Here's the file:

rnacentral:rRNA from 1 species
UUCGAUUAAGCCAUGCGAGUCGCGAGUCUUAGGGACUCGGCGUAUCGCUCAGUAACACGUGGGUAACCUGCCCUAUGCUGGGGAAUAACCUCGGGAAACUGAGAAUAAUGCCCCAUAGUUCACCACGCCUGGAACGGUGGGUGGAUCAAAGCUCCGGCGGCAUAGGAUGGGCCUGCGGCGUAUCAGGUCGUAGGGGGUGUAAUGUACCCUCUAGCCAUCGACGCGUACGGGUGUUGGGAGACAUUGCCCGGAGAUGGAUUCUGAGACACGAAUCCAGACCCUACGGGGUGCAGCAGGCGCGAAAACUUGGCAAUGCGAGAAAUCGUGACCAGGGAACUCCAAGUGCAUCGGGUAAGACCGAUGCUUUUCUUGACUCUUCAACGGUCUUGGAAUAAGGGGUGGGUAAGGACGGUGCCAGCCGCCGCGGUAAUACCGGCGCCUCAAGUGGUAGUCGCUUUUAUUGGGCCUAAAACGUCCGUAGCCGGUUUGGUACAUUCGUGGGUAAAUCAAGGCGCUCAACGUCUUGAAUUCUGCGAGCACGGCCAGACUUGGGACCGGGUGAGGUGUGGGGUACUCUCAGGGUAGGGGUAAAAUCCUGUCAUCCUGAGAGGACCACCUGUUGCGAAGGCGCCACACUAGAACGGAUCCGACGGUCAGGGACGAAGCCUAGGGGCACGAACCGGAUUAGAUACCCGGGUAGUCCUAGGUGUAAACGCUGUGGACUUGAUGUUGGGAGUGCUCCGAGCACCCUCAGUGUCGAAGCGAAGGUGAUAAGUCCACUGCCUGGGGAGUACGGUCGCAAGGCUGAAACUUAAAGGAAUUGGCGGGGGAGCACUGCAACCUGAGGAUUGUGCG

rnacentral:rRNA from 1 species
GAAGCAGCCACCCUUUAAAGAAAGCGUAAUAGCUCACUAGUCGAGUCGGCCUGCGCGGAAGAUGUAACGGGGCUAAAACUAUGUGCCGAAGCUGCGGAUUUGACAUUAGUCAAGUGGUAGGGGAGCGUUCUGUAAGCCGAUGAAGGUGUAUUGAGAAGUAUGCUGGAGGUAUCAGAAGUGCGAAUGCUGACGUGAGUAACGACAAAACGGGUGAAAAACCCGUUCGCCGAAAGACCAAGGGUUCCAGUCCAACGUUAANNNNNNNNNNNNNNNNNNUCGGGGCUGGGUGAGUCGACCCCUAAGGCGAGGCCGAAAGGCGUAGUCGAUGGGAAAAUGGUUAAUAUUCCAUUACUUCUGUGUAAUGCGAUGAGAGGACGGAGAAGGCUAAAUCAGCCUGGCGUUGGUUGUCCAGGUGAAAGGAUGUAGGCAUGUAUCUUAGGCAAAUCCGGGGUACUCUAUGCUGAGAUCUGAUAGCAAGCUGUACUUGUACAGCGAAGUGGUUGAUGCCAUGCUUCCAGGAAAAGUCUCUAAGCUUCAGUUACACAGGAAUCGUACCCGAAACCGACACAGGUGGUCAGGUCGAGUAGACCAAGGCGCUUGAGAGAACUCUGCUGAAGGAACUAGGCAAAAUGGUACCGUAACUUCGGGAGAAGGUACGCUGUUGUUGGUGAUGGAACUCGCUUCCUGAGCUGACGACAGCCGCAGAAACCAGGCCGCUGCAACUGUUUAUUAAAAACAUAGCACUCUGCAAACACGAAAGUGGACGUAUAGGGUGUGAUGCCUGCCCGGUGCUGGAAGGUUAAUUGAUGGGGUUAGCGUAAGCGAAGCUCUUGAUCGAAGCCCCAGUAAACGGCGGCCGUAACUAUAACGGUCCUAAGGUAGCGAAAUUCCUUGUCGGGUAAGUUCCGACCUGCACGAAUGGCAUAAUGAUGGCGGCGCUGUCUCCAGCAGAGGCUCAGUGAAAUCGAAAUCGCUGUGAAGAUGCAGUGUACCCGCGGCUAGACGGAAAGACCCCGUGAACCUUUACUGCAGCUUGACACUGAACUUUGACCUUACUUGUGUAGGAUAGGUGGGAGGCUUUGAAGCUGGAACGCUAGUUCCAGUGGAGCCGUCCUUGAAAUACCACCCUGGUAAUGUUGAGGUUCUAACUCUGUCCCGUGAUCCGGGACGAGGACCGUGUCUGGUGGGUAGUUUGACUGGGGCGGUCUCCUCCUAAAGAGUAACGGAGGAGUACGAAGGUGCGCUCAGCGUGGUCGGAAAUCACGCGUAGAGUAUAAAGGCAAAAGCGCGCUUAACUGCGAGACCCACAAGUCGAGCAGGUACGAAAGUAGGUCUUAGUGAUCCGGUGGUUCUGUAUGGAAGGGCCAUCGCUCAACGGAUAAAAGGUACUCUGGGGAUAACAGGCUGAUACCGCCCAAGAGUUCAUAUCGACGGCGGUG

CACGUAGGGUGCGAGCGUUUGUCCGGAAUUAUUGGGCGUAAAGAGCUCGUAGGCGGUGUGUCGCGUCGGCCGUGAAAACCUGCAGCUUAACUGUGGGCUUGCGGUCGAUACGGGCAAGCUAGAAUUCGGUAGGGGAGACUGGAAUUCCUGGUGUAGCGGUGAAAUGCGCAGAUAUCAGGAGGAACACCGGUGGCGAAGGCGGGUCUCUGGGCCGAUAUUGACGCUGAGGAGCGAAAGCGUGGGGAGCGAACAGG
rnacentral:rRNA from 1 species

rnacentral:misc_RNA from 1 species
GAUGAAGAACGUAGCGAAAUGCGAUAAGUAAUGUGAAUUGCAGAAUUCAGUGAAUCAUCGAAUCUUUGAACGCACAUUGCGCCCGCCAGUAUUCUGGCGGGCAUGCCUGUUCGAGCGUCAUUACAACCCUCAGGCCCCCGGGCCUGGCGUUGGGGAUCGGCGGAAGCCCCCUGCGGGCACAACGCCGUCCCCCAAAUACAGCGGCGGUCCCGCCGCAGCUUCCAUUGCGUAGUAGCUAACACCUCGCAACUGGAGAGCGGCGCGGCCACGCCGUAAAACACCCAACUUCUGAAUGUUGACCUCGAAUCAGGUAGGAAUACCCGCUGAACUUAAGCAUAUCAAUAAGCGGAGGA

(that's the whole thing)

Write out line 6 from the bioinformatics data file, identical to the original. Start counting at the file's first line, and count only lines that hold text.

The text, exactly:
rnacentral:rRNA from 1 species